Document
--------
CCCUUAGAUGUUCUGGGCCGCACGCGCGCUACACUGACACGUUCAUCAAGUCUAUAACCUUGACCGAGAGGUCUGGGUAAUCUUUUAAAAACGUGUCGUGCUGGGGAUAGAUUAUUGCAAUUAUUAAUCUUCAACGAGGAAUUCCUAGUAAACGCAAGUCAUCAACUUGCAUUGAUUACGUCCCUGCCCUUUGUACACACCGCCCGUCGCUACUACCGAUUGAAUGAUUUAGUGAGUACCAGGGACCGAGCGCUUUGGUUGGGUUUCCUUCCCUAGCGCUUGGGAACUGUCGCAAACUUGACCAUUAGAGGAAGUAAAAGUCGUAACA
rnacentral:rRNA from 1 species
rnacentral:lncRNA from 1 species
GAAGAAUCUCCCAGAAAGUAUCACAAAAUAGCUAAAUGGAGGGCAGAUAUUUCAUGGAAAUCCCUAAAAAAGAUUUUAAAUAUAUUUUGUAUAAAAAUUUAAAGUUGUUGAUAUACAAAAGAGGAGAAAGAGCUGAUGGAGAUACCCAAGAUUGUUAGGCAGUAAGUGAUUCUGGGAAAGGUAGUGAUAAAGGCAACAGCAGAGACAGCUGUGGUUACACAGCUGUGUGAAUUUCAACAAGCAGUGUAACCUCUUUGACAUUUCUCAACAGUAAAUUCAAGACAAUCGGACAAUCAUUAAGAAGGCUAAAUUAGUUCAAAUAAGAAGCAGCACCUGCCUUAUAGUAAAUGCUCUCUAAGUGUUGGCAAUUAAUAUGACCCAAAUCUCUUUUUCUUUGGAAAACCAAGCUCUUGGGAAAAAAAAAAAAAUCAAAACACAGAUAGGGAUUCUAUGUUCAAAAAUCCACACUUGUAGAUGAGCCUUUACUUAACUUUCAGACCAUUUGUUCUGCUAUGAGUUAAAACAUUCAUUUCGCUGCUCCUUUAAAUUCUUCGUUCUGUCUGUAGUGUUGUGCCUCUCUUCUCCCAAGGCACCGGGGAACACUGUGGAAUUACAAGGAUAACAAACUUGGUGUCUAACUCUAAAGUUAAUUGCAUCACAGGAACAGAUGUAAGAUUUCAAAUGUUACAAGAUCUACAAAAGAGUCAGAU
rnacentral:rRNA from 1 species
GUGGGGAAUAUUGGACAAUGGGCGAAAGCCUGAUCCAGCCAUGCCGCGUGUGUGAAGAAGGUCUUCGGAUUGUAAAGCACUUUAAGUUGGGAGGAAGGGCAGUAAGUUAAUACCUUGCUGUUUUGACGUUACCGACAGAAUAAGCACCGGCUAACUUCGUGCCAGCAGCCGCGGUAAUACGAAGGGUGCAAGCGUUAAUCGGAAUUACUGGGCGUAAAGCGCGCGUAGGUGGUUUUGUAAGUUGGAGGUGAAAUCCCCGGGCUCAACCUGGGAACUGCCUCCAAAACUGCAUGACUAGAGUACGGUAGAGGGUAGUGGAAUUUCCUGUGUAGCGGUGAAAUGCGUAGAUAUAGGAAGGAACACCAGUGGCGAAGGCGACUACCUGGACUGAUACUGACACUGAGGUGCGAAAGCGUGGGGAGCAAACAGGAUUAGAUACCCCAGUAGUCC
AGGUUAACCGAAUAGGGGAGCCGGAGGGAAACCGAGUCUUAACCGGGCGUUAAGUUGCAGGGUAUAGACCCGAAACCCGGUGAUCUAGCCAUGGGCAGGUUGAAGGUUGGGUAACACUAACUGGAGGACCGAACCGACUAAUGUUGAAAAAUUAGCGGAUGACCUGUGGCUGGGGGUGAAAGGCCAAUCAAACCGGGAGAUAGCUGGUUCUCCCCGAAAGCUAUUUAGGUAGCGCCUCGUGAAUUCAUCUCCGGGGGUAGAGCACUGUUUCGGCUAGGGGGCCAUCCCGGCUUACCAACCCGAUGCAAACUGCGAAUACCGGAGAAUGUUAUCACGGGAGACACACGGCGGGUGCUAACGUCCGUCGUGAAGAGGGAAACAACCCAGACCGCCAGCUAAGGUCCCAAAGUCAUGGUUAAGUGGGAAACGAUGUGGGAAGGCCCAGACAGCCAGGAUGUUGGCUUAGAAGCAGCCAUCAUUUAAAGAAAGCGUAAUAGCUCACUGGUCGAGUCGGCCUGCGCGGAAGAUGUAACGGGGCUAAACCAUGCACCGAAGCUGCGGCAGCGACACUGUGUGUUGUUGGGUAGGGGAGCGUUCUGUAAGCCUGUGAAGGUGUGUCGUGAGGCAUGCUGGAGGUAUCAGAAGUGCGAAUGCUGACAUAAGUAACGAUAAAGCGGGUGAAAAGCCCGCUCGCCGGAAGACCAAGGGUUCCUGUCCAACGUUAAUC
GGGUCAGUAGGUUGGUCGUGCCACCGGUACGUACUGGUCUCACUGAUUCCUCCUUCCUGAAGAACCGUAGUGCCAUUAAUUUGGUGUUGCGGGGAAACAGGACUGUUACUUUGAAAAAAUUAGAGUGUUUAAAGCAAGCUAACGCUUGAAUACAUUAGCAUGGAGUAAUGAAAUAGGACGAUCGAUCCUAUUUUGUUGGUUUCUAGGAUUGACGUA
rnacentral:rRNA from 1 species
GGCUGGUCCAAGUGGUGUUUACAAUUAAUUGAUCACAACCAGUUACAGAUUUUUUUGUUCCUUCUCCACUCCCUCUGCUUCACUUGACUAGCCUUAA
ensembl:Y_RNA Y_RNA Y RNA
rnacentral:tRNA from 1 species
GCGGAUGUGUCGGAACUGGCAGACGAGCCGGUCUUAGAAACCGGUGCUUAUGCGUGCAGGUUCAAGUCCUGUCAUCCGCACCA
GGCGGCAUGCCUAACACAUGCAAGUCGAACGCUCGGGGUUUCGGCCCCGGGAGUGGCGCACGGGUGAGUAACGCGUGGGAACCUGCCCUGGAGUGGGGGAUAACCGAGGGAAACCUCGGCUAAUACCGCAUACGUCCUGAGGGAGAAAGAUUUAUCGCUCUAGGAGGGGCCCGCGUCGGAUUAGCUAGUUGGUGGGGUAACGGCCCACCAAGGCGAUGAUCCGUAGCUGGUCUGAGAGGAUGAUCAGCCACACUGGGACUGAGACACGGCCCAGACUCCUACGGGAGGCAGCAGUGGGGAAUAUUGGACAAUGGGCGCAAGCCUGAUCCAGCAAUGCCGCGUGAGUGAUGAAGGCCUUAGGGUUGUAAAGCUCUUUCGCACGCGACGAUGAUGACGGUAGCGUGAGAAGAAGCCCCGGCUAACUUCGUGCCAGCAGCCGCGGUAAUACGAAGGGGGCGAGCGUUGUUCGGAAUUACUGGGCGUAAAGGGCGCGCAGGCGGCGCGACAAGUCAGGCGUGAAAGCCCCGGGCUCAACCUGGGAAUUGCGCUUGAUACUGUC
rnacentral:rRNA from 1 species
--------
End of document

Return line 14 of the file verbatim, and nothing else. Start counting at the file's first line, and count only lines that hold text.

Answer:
GGCGGCAUGCCUAACACAUGCAAGUCGAACGCUCGGGGUUUCGGCCCCGGGAGUGGCGCACGGGUGAGUAACGCGUGGGAACCUGCCCUGGAGUGGGGGAUAACCGAGGGAAACCUCGGCUAAUACCGCAUACGUCCUGAGGGAGAAAGAUUUAUCGCUCUAGGAGGGGCCCGCGUCGGAUUAGCUAGUUGGUGGGGUAACGGCCCACCAAGGCGAUGAUCCGUAGCUGGUCUGAGAGGAUGAUCAGCCACACUGGGACUGAGACACGGCCCAGACUCCUACGGGAGGCAGCAGUGGGGAAUAUUGGACAAUGGGCGCAAGCCUGAUCCAGCAAUGCCGCGUGAGUGAUGAAGGCCUUAGGGUUGUAAAGCUCUUUCGCACGCGACGAUGAUGACGGUAGCGUGAGAAGAAGCCCCGGCUAACUUCGUGCCAGCAGCCGCGGUAAUACGAAGGGGGCGAGCGUUGUUCGGAAUUACUGGGCGUAAAGGGCGCGCAGGCGGCGCGACAAGUCAGGCGUGAAAGCCCCGGGCUCAACCUGGGAAUUGCGCUUGAUACUGUC